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People also depend on the sea for many of their medicines. Marine animals and plants contain many chemicals that can be used to cure human ailments: an estimated 500 sea species yield chemicals that could help treat cancer.
But the oceans are in a bad way. People have treated the sea as a dumping ground for thousands of years, offloading rubbish, sewage, and - more recently - industrial waste. Marine pollution frequently originates on land, entering the sea via rivers and pipelines. This means that coastal waters are dirtier than the open seas, with estuaries and harbours being especially badly affected. Additional pollution is actually created at sea by activities such as dredging, drilling for oil and minerals, and shipping.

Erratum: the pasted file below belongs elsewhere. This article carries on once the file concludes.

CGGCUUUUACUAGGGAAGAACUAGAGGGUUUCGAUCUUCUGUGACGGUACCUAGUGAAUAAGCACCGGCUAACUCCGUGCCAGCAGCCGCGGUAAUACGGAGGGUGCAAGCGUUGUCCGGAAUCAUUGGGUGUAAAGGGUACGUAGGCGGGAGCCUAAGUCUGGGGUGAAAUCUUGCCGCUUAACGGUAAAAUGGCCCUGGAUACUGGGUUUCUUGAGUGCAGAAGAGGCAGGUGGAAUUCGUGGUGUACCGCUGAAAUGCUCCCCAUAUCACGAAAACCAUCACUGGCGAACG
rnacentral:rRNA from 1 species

Marine pollution is the harmful entry into the ocean of chemicals or particles. A big problem is that many toxins adhere to tiny particles which are taken up within a few days by plankton and benthos animals, most of which are filter feeders, concentrating upward within ocean foodchains. Because most animal feeds contain high fish meal and fish oil content, toxins can be found a few weeks later in commonly consumed food items derived from livestock and animal husbandry such as meat, eggs, milk, butter and margarine.
Humans depend largely on the ocean for their food source, pharmaceutical products, economy, recreation and transportation. Unfortunately many of human’s acts are causing more harm than good to this vast piece of resources. Pollution comes in many ways. From little thoughtless acts of individuals littering into the sea to big oil leaks and even countries trying out nuclear bombs all contribute to marine pollution.